COVID Forces Colleges to Slash Budgets, Programs, and Jobs
The coronavirus pandemic is forcing colleges and universities to make budget cuts and personnel layoffs. Over the last few months, financial distress has pushed several major institutions to announce severe cost-cutting plans.
Even before the pandemic hit, schools across the US were grappling with a growing financial crisis due to shrinking state support and concerns with increasing student loan debt. The coronavirus has escalated these financial concerns worldwide, leaving the already floundering education sector in the lurch.
At last month’s Pennsylvania State System of Higher Education Board of Governer’s meeting, chancellor Daniel Greenstein said, “We have been in aggressive recession management for 12 years — probably more than 12 years,” while proposing to merge some half-dozen small educational institutions into two academic entities.
This has not only been a problem in Pennsylvania, which has been hard hit by plummeting enrollment in its 14 public university campuses. Budget pressures have severely affected several school systems around the country, forcing them to cut academic programs, budgets, and even faculty.
In New Jersey, Seton Hall University associate professor of higher education Robert Kelchen said, “We haven’t seen a budget crisis like this in a generation.” He has been tracking the administrative response to the pandemic. “There’s nothing off-limits at this point.”
Schools Bearing the Brunt
The City University of New York (CUNY) has laid off nearly 3,000 adjunct faculty. The university system has had to reduce spending after Governor Andrew Cuomo’s budget in April resulted in massive cuts across various sectors, including social welfare, healthcare, and education. With the current student population of CUNY at 271,000, it may face teacher shortages after the layoffs.
Private schools, too, are making wrenching budget cuts. For example, Ithaca College in New York is planning to cut 130 jobs by early next year. Ithaca College Provost and Senior Vice President for Academic Affairs La Jerne T. Cornish explained that downsizing faculty is painful but necessary for the school to survive.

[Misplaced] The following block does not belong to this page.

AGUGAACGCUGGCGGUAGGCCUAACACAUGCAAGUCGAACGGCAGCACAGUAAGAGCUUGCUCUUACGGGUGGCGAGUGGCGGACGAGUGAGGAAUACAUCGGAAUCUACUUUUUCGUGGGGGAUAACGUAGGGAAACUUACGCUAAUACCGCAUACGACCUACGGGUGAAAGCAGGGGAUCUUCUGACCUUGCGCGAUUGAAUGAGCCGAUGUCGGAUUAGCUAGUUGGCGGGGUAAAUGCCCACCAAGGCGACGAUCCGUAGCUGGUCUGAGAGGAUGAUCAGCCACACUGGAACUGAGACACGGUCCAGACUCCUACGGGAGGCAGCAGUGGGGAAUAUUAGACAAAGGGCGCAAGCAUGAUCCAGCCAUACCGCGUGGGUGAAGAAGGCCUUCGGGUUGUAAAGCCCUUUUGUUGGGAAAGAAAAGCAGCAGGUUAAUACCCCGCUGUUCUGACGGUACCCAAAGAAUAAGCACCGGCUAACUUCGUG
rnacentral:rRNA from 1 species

In a similar move, Hiram College, just outside of Cleveland, eliminated several majors, putting more emphasis on technology and management courses.
Severe Cost-Cutting Measures
While state funds for education have declined, colleges are being forced to shell out millions on testing and quarantining students. As fall classes continue, campus outbreaks continue to crop up, forcing authorities to spend more on pandemic protocols.
Last week, the University of Illinois System Board of Trustees approved the budget for fiscal year 2021, which was $232.9 million less than last year’s $6.97 billion budget. The money was spent on testing, purchasing personal protective equipment, and transitioning to remote learning. Additionally, revenue was lost from housing, dining services, conferences, and events.
Severely affected by financial constraints, schools are now slashing programs, announcing budget cuts, and furloughing thousands of employees. In one such move, the University of Massachusetts system reportedly furloughed more than 1,000 workers.
BREAKING NEWS: USF is closing the College of Education (COE) and eliminating all undergraduate education programs, according to two COE faculty members. The college will keep its graduate programs and become the Graduate School of Education, housed under a different college.
— The Oracle (@USFOracle) October 15, 2020
Last month, the University of South Florida (USF) announced that it would be closing its College of Education and eliminating all undergraduate education programs “as the university struggles to cut its budget.” USF is also estimating pandemic-related expenses to the tune of $31 million this year. The university received almost $35 million in Coronavirus Aid, Relief, and Economic Security (CARES) Act funding.
Meanwhile, the University of Wyoming Board of Trustees approved University President Ed Seidel’s plan for a $42.3 million budget reduction, caused partly by a 10 percent cut in state funding. As part of the reduction, the board plans to eliminate 80 jobs in academic and non-academic units.
Is Relief Coming?
Although the higher education sector looks grim at the moment, there has also been some hopeful news.
Some institutions, such as the University of Maine System and Missouri University of Science and Technology, have received financial aid worth $240 million and $300 million respectively. Further, the Jay Pritzker Foundation donated $100 million to California Community Colleges to pay for student aid over the next 20 years.
Things may also look up if Joe Biden’s incoming administration eliminates tuition at public colleges and universities for those making $125,000 or less, as promised during his election campaign. Biden has also pledged to double the maximum amount of Pell Grants, which would help pay the living expenses of students.
State Higher Education Executive Officers Association lobbyist Thomas Harnisch appreciates the current proposals but believes that they may “not go far enough to meet the challenges of higher education coming out of the pandemic.”